Keep-Out: A clearance area around ICs and other components that should not be populated because it would interfere with mounting parts, trouble-shooting, air-flow and so on. A buffer zone around the perimeter of a PCB to keep components from be mounted to near the edge of a board, or traces from running to near the edge. A board layer or small section of a board layer in which traces are not allowed to be routed.

Laminate: A product made by bonding two or more layers together, usually of different materials, under heat and pressure to form a single structure.

Land Pattern. A combination of lands intended for the mounting, interconnection, and testing of a particular part. The graphic shows a 20-pin surface mount DIP SOIC Land Pattern, with no component installed. Note the ground fill. Also note the via placed between the power pin and the by-pass capacitor, not a good design practice.

SOIC PWB Land Pattern
PWB Lands

Lands: Pads on the PWB designed to accept IC legs, as in landing pads for solder connections. A Land(s) is the point that a component is soldered down on. Lands are normally on the outter layers on the PCB used for the purposes of soldering surface mount components Also see Lifted lands.

PWB Land
PWB Land

Layout: Text in review

Lead (Pb): A soft, heavy metal used in solder compositions and other alloys.

Lifted lands. A Land that has become delaminated from the board. A Land that is not longer attached to the substrate. There shall be no lifted lands on the deliverable printed wiring board.

Mask. A device used to deposit materials on a substrate in the desired pattern.

Master Drawing. Refer to the definition from MIL-STD-100.

MCM: Multi Chip Module. Refer here for vendors and more data; MCM IC Packaging.

Microstrip: Traces that are adjacent to a continuous reference plane. In a Printed Circuit Board [PCB] stack-up, the microstrips are on the primary and secondary layers [Top and Bottom layers]. The reference plane used may either be a ground plane or power plane.

MicroStrip Topology
Microstrip Traces

MIL. The diameter of a conductor equal to 1/1000 (.001) inch.

Minimum Annular Ring. The minimum distance between the edge of a PCB pad and its via. A Minimum Annular Ring distance will be difference between an out layer and an inner layer. Refer to this page for Minimum Annular Ring Graphics and Definition.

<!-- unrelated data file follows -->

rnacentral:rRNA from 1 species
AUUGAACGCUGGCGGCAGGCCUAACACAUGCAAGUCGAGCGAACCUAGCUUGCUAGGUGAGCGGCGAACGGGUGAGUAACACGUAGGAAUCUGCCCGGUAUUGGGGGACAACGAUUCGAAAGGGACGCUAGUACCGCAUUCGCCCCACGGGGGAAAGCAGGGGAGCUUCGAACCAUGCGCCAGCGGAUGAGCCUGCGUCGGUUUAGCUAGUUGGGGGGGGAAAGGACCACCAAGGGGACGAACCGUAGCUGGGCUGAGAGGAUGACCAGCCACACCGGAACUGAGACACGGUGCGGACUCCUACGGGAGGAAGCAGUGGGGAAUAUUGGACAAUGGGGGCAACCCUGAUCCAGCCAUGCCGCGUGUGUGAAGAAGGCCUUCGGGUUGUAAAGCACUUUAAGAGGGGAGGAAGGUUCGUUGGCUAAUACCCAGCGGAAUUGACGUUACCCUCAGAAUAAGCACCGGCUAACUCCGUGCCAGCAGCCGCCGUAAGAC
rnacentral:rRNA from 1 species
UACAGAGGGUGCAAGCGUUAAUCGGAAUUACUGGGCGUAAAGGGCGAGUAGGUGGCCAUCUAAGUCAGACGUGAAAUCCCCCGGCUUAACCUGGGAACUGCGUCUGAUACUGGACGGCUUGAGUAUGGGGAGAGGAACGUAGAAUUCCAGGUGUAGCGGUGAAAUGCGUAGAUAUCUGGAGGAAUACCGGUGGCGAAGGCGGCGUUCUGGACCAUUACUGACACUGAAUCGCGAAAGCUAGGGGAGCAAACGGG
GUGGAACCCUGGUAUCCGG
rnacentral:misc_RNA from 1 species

Mounting Methods. Refer to a graphic on Transistor Can Mounting

Mounting Standoff. See Stand-Off.

metal Can Mounting

Multilayer Board: [MLB] See Multilayer Printed Wiring Board below.

Multilayer Printed Wiring Board. A rigid, flexible, or rigid-flex printed wiring board having three or more printed wiring board layers that are mechanically bonded together and electrically interconnected. A two layer board would only have copper layers on the top and bottom layers and is not normally considered a Multilayer Board. The graphic to the right shows a MLB PCB, with the copper on one layer, then the traces that appear black followed by the traces the appear read, each on a separate layer.

Multilayer PCB

NASA Specs: Relevant NASA Specifications;
NASA-STD-8739.3 - Soldered Electrical Connections
NASA-STD-8739.4 - Crimping, Interconnecting Cables, Harnesses, and Wiring
NASA-STD-8739.5 - Fiber Optic Terminations, Cable Assemblies, and Installation
NAS 5300.4(3J-1) - Workmanship Standard for Staking and Conformal Coating of Printed Wiring Boards and Electronic Assemblies
NAS 5300.4(3M) - Workmanship Standard for Surface Mount Technology
NASA-STD-8739.7 - Standard for Electrostatic Discharge Control (Excluding Electrically Initiated .."text removed".. Devices)
Editor note; I have no way of knowing if these standards are still in service or withdrawn without replacement.

Netlist. A report which gives a name to each net on a PCB and the points it connects to.

Non-Plated-Through-Hole: [NPTH] A non-plated-through hole is one formed without a deposition of metal on the inside surface of a through-hole. See also Plated-Through-Hole.

Nonwetting: A condition whereby a surface has contacted molten solder, but the solder has not adhered to all of the surface; basis metal remains exposed.

PC motherboard